The Nigerian cement industry is forecasted to experience a positive growth in 2024, according to financial experts at CardinalStone Research. They believe that renewed government attention towards infrastructure development and construction initiatives will greatly contribute to an increased demand for cement products. In their comprehensive report titled ‘Nigeria Cement Rebounding from a tumultuous year‘, the analysts have outlined the positive outlook for the Nigerian Cement Sector in 2024. As the budget for crucial sectors and ambitious infrastructure projects sees a noteworthy rise (₦1.32 trillion allocated to infrastructure, comprising 5.0% of the total FG 2024 budget), it is predicted that the construction industry will witness a remarkable revival.
In 2023, Nigeria’s cement industry faced numerous obstacles that affected its demand, such as a poorly implemented currency redesign policy leading to a cash crunch, devaluation of the material currency, and heavy rainfall. However, in 2024, the industry is looking towards an optimistic recovery driven by a return to relative stability in the macroeconomic environment and initial benefits from rigorous policy reforms. According to the report, cement producers are now readjusting their production methods by increasing their capacity and enhancing operational effectiveness, all in an effort to cater to the projected surge in demand.
Government might intervene with the rising cement price.
Moreover, the analysts expressed a sense of careful optimism about the future of Nigeria’s cement industry in 2024, acknowledging that there may still be obstacles to overcome. However, they believe that there are opportunities for growth as the industry enters a recovery phase. One noteworthy development highlighted by the analysts is BUA Cement’s decision to lower their ex-factory price to ₦3,500 in October 2023. This move could potentially lead to price competition from other competitors, according to the analysts. There is a possibility that the government might intervene to alleviate the high cost of cement in response to public outcry regarding the increasing prices of cement in the nation.
According to the analysts the cumulative impact of the above-mentioned factors has the potential to raise demand, subsequently influencing the quantity of cement produced. The analysts highlighted that President Bola Ahmed Tinubu’s administration has unveiled the Infrastructure Support Fund (ISF) as a part of several initiatives aimed at stimulating the economy and mitigating the inflationary repercussions from the removal of petrol subsidies. Nigeria anticipates that the ISF will aid in the revitalization of transportation systems, enhance the connectivity of farm-to-market roads spanning different regions, and cater to the funding requirements of crucial sectors such as healthcare, education, power, and water initiatives.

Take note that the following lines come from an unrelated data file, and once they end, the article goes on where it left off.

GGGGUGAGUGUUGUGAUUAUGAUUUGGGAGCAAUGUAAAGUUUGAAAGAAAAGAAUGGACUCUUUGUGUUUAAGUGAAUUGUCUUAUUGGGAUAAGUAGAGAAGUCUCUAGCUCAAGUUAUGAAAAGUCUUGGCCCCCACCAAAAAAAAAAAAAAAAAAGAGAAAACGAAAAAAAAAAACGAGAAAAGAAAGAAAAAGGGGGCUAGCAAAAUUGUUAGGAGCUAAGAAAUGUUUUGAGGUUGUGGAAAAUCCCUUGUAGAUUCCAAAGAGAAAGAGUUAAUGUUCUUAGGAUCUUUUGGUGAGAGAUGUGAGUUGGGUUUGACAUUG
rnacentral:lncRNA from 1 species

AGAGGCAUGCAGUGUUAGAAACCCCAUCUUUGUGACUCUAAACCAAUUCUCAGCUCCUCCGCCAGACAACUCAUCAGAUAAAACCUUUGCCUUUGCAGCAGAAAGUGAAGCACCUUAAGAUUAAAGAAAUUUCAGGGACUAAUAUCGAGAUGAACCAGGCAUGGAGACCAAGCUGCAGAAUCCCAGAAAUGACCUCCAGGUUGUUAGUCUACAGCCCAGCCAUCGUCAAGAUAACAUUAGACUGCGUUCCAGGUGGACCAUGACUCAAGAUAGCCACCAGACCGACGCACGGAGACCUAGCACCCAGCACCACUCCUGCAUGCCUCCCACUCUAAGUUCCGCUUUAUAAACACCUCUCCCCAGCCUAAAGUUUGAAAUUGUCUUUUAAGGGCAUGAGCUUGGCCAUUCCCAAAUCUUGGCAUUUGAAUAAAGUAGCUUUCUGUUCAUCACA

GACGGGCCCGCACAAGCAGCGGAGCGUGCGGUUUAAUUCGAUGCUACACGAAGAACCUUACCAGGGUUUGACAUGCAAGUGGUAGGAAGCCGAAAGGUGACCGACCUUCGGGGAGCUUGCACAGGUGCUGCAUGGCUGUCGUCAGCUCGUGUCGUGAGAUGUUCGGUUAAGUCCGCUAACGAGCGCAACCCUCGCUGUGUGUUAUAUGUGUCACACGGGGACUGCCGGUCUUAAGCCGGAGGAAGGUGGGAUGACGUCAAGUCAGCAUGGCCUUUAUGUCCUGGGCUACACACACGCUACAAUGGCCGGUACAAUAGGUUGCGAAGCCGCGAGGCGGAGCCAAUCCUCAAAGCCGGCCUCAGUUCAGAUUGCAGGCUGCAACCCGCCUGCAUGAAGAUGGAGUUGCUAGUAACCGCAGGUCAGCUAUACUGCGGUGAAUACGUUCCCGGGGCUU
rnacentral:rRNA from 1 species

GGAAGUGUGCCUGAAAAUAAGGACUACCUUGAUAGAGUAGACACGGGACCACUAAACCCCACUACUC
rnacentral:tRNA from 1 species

A favorable impact on cement consumption is expected.
All the anticipated growth is expected to be witnessed in FY’24E, fueled by the augmented financial allocation towards infrastructure in the Budget, as stated by experts. The focal point highlighted by analysts concerning the new Minister of Housing and Urban Development is the proposition to elevate the minimum capital for the Federal Mortgage Bank of Nigeria (FMBN) from its prior amount of ₦250 billion to a substantial ₦500 billion. While there is no specific information yet, it is expected that there will be some favorable impact on cement consumption in the foreseeable future.
They anticipate that the FMBN recapitalization process will enhance the availability of funds for builders and bolster cement usage in FY’24E and beyond. It is also believed that the ongoing involvement of the private sector in the RITC scheme established in 2019 could continue to bolster the demand for cement. As the scheme is anticipated to end a decade after it starts, it is likely that additional private sector actors will seize the opportunity to utilize the scheme in order to reap the benefits of the related tax advantages.
Related Article: Dangote boosts Nigeria’s cement production
It was emphasized by the experts that the complete engagement of Nigeria in the AfCFTA would have a positive impact on cement exports from companies such as Dangote Cement and BUA Cement. Furthermore, they mentioned that BUA Cement has already generated approximately €7.0 million in export revenue as of 9M’23 and is actively focusing on expanding its presence in African markets. Based on historical records, it is indicated that cement producers generally experience higher performance during the first half of the year. This is primarily influenced by seasonal factors that promote increased building and construction endeavors.